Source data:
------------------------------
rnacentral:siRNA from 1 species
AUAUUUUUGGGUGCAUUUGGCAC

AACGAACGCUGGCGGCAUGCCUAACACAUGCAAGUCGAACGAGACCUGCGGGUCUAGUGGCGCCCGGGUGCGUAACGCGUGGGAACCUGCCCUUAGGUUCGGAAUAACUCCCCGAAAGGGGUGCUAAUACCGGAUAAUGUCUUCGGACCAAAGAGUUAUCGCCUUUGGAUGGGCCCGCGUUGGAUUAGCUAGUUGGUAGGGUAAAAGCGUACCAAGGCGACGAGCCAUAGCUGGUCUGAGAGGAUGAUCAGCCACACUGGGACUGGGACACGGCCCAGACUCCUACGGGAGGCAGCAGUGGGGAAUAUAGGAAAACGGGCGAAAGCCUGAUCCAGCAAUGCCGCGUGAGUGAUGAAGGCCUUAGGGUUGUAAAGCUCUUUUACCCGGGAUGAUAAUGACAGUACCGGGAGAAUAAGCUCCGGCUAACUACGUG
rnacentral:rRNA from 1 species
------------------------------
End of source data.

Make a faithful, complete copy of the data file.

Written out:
rnacentral:siRNA from 1 species
AUAUUUUUGGGUGCAUUUGGCAC

AACGAACGCUGGCGGCAUGCCUAACACAUGCAAGUCGAACGAGACCUGCGGGUCUAGUGGCGCCCGGGUGCGUAACGCGUGGGAACCUGCCCUUAGGUUCGGAAUAACUCCCCGAAAGGGGUGCUAAUACCGGAUAAUGUCUUCGGACCAAAGAGUUAUCGCCUUUGGAUGGGCCCGCGUUGGAUUAGCUAGUUGGUAGGGUAAAAGCGUACCAAGGCGACGAGCCAUAGCUGGUCUGAGAGGAUGAUCAGCCACACUGGGACUGGGACACGGCCCAGACUCCUACGGGAGGCAGCAGUGGGGAAUAUAGGAAAACGGGCGAAAGCCUGAUCCAGCAAUGCCGCGUGAGUGAUGAAGGCCUUAGGGUUGUAAAGCUCUUUUACCCGGGAUGAUAAUGACAGUACCGGGAGAAUAAGCUCCGGCUAACUACGUG
rnacentral:rRNA from 1 species